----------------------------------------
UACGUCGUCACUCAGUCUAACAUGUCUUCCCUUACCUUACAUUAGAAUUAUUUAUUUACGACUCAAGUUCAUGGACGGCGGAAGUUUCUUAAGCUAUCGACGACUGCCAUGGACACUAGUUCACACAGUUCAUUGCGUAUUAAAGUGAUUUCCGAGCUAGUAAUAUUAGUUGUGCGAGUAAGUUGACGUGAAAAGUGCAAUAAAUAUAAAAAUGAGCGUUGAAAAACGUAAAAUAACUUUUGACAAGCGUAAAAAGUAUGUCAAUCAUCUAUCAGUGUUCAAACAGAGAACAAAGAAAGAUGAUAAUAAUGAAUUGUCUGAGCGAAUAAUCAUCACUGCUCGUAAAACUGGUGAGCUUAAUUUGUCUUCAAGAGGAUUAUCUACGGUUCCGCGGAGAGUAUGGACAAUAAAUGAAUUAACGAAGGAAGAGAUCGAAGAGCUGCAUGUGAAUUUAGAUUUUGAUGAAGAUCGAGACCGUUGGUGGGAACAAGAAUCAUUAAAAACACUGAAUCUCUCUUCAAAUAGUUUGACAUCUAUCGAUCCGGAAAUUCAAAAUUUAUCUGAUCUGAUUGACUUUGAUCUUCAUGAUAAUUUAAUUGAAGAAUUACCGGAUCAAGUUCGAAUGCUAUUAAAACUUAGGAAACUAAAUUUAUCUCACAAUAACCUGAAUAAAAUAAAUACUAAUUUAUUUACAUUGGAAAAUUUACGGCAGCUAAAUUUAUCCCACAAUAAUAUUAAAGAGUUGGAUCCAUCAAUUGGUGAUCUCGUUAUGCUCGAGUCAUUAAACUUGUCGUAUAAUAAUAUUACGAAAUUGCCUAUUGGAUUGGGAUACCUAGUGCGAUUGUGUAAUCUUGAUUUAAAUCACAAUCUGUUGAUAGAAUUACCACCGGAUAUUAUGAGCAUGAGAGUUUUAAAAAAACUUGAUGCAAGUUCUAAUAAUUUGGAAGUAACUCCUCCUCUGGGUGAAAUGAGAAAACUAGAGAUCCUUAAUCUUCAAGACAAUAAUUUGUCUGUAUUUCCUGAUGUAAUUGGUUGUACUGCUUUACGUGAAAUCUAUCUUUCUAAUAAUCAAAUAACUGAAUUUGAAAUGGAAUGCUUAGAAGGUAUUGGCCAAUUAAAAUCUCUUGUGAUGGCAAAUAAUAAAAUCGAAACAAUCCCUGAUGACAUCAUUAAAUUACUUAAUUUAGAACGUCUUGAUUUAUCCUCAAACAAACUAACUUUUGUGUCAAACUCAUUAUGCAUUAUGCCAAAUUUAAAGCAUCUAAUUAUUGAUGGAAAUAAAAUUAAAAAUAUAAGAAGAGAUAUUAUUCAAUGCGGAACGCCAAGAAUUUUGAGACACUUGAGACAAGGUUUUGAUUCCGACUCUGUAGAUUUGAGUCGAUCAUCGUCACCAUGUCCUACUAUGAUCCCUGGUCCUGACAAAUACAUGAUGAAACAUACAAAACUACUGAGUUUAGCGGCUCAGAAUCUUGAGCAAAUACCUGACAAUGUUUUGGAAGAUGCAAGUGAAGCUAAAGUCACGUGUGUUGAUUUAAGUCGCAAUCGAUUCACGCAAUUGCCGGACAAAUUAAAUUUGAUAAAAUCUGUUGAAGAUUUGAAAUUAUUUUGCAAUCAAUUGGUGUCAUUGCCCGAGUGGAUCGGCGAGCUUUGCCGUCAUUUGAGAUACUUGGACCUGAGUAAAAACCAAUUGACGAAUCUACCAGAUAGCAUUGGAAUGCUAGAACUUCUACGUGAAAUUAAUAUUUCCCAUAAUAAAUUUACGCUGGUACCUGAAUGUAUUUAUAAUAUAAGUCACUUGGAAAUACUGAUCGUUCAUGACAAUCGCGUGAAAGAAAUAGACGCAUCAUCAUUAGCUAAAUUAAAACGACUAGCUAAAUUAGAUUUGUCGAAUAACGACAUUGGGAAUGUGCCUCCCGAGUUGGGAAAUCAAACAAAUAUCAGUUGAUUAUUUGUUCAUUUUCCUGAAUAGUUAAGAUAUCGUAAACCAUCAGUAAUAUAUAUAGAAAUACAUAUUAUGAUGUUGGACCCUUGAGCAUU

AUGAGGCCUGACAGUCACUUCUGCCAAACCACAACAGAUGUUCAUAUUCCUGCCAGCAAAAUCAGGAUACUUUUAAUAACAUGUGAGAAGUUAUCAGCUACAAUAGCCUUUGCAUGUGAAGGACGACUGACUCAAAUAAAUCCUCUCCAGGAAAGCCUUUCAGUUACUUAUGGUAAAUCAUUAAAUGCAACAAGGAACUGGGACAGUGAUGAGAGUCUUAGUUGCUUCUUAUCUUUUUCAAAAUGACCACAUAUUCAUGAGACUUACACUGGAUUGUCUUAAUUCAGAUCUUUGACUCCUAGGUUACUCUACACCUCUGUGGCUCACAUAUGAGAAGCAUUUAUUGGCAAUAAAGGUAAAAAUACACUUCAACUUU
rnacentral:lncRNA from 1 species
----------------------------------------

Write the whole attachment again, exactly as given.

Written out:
UACGUCGUCACUCAGUCUAACAUGUCUUCCCUUACCUUACAUUAGAAUUAUUUAUUUACGACUCAAGUUCAUGGACGGCGGAAGUUUCUUAAGCUAUCGACGACUGCCAUGGACACUAGUUCACACAGUUCAUUGCGUAUUAAAGUGAUUUCCGAGCUAGUAAUAUUAGUUGUGCGAGUAAGUUGACGUGAAAAGUGCAAUAAAUAUAAAAAUGAGCGUUGAAAAACGUAAAAUAACUUUUGACAAGCGUAAAAAGUAUGUCAAUCAUCUAUCAGUGUUCAAACAGAGAACAAAGAAAGAUGAUAAUAAUGAAUUGUCUGAGCGAAUAAUCAUCACUGCUCGUAAAACUGGUGAGCUUAAUUUGUCUUCAAGAGGAUUAUCUACGGUUCCGCGGAGAGUAUGGACAAUAAAUGAAUUAACGAAGGAAGAGAUCGAAGAGCUGCAUGUGAAUUUAGAUUUUGAUGAAGAUCGAGACCGUUGGUGGGAACAAGAAUCAUUAAAAACACUGAAUCUCUCUUCAAAUAGUUUGACAUCUAUCGAUCCGGAAAUUCAAAAUUUAUCUGAUCUGAUUGACUUUGAUCUUCAUGAUAAUUUAAUUGAAGAAUUACCGGAUCAAGUUCGAAUGCUAUUAAAACUUAGGAAACUAAAUUUAUCUCACAAUAACCUGAAUAAAAUAAAUACUAAUUUAUUUACAUUGGAAAAUUUACGGCAGCUAAAUUUAUCCCACAAUAAUAUUAAAGAGUUGGAUCCAUCAAUUGGUGAUCUCGUUAUGCUCGAGUCAUUAAACUUGUCGUAUAAUAAUAUUACGAAAUUGCCUAUUGGAUUGGGAUACCUAGUGCGAUUGUGUAAUCUUGAUUUAAAUCACAAUCUGUUGAUAGAAUUACCACCGGAUAUUAUGAGCAUGAGAGUUUUAAAAAAACUUGAUGCAAGUUCUAAUAAUUUGGAAGUAACUCCUCCUCUGGGUGAAAUGAGAAAACUAGAGAUCCUUAAUCUUCAAGACAAUAAUUUGUCUGUAUUUCCUGAUGUAAUUGGUUGUACUGCUUUACGUGAAAUCUAUCUUUCUAAUAAUCAAAUAACUGAAUUUGAAAUGGAAUGCUUAGAAGGUAUUGGCCAAUUAAAAUCUCUUGUGAUGGCAAAUAAUAAAAUCGAAACAAUCCCUGAUGACAUCAUUAAAUUACUUAAUUUAGAACGUCUUGAUUUAUCCUCAAACAAACUAACUUUUGUGUCAAACUCAUUAUGCAUUAUGCCAAAUUUAAAGCAUCUAAUUAUUGAUGGAAAUAAAAUUAAAAAUAUAAGAAGAGAUAUUAUUCAAUGCGGAACGCCAAGAAUUUUGAGACACUUGAGACAAGGUUUUGAUUCCGACUCUGUAGAUUUGAGUCGAUCAUCGUCACCAUGUCCUACUAUGAUCCCUGGUCCUGACAAAUACAUGAUGAAACAUACAAAACUACUGAGUUUAGCGGCUCAGAAUCUUGAGCAAAUACCUGACAAUGUUUUGGAAGAUGCAAGUGAAGCUAAAGUCACGUGUGUUGAUUUAAGUCGCAAUCGAUUCACGCAAUUGCCGGACAAAUUAAAUUUGAUAAAAUCUGUUGAAGAUUUGAAAUUAUUUUGCAAUCAAUUGGUGUCAUUGCCCGAGUGGAUCGGCGAGCUUUGCCGUCAUUUGAGAUACUUGGACCUGAGUAAAAACCAAUUGACGAAUCUACCAGAUAGCAUUGGAAUGCUAGAACUUCUACGUGAAAUUAAUAUUUCCCAUAAUAAAUUUACGCUGGUACCUGAAUGUAUUUAUAAUAUAAGUCACUUGGAAAUACUGAUCGUUCAUGACAAUCGCGUGAAAGAAAUAGACGCAUCAUCAUUAGCUAAAUUAAAACGACUAGCUAAAUUAGAUUUGUCGAAUAACGACAUUGGGAAUGUGCCUCCCGAGUUGGGAAAUCAAACAAAUAUCAGUUGAUUAUUUGUUCAUUUUCCUGAAUAGUUAAGAUAUCGUAAACCAUCAGUAAUAUAUAUAGAAAUACAUAUUAUGAUGUUGGACCCUUGAGCAUU

AUGAGGCCUGACAGUCACUUCUGCCAAACCACAACAGAUGUUCAUAUUCCUGCCAGCAAAAUCAGGAUACUUUUAAUAACAUGUGAGAAGUUAUCAGCUACAAUAGCCUUUGCAUGUGAAGGACGACUGACUCAAAUAAAUCCUCUCCAGGAAAGCCUUUCAGUUACUUAUGGUAAAUCAUUAAAUGCAACAAGGAACUGGGACAGUGAUGAGAGUCUUAGUUGCUUCUUAUCUUUUUCAAAAUGACCACAUAUUCAUGAGACUUACACUGGAUUGUCUUAAUUCAGAUCUUUGACUCCUAGGUUACUCUACACCUCUGUGGCUCACAUAUGAGAAGCAUUUAUUGGCAAUAAAGGUAAAAAUACACUUCAACUUU
rnacentral:lncRNA from 1 species